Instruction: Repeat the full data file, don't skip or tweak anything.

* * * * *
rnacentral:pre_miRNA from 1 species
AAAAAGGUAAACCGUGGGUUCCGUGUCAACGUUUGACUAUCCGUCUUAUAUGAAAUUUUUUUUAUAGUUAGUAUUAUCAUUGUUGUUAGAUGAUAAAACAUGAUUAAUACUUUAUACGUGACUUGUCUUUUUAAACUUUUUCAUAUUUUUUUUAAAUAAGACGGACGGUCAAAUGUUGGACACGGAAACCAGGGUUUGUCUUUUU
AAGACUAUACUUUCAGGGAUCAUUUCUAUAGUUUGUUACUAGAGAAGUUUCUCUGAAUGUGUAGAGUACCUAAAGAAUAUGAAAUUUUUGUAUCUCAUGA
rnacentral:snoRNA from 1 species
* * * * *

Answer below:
rnacentral:pre_miRNA from 1 species
AAAAAGGUAAACCGUGGGUUCCGUGUCAACGUUUGACUAUCCGUCUUAUAUGAAAUUUUUUUUAUAGUUAGUAUUAUCAUUGUUGUUAGAUGAUAAAACAUGAUUAAUACUUUAUACGUGACUUGUCUUUUUAAACUUUUUCAUAUUUUUUUUAAAUAAGACGGACGGUCAAAUGUUGGACACGGAAACCAGGGUUUGUCUUUUU
AAGACUAUACUUUCAGGGAUCAUUUCUAUAGUUUGUUACUAGAGAAGUUUCUCUGAAUGUGUAGAGUACCUAAAGAAUAUGAAAUUUUUGUAUCUCAUGA
rnacentral:snoRNA from 1 species